In her latest episode of The Martha Podcast, Martha Stewart shares with guest comedian Chelsea Handler that she is currently working towards a big milestone in the publishing world, her 100th book! "What? 100th? How is that possible?" Handler asked. "Well, because I've had help along the way, but I've been writing books on various subjects all relating to living," Martha said. Martha noted that the writing and curation process is difficult, partly because of the original photography required for her tomes, which contain beautiful images of everything from home design to cakes and pastries. On the podcast, Handler—who is also a published author—shared what her own writing process is like. "My process is I just throw it all down," she says. Handler begins once she gets all of her thoughts on the page, which is when she can refine her work, the comedian explained." Taken from the Martha Stewart website.
Speaking of cookbooks, here is a recipe for the richest, tastiest Irish Soda Bread by the one and only Martha Stewart. This recipe is taken from the Martha Stewart website. I do put dried cranberries in mine, even though Martha Stewart's recipe says raisins. You can use one or the other or try both.
A simple, yet classic recipe by adding an egg, sugar, caraway seeds, and butter to a traditional Irish soda bread recipe, you create a delicious loaf that is very moist with much more flavor, perfect for St. Patrick's Day, a Sunday breakfast or family-style brunch. Using plastic wrap, it can be stored at room temperature until it is completely devoured. Like all Irish soda breads, it also freezes very well.
unsalted butter, cold
2 cups cranberries (craisins or raisins)
1 1/2 scant cups buttermilk
1 large egg
1 teaspoon baking soda
1 large egg yolk
1 tablespoon heavy cream
Heat oven to 350 degrees. Line a baking sheet with parchment paper; set aside. In a large bowl, whisk together flour, sugar, salt, baking powder, and caraway seeds until well combined.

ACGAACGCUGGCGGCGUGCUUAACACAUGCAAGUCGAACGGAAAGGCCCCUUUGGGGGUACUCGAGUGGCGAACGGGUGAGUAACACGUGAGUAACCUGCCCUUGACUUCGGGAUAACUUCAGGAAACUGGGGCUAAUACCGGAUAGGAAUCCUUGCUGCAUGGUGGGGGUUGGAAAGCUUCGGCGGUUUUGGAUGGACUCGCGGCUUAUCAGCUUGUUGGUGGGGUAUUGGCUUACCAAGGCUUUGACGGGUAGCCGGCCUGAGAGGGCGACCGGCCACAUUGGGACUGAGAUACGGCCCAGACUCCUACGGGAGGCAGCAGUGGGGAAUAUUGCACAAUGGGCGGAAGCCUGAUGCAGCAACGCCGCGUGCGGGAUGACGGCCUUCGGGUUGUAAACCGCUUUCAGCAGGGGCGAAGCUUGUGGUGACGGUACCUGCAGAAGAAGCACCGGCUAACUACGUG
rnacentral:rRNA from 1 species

Using a pastry cutter or two knives in scissor fashion, cut in butter until the mixture feels like coarse meal. Stir in raisins until evenly distributed.
In a small bowl, whisk together buttermilk, egg, and baking soda until well combined. Pour buttermilk mixture into the flour-and-butter mixture all at once, and stir with a fork until all the liquid is absorbed and the mixture begins to hold together. It should resemble a rough biscuit dough. Using your hands, press the dough into a round, dome-shaped loaf about 8 inches in diameter. Lift the loaf from the bowl, and transfer it to the prepared baking sheet.
In a small bowl, mix the egg yolk and cream together. With a pastry brush, brush the egg wash over the loaf. With a sharp knife or razor, incise a cross, about 1/2 inch deep, into the top of the loaf. Transfer to the oven. Bake, rotating halfway through, until it is deep golden brown and a wooden skewer comes out clean when inserted into the center, about 70 minutes.
Remove from oven, and transfer bread from the baking sheet to a wire rack to cool.
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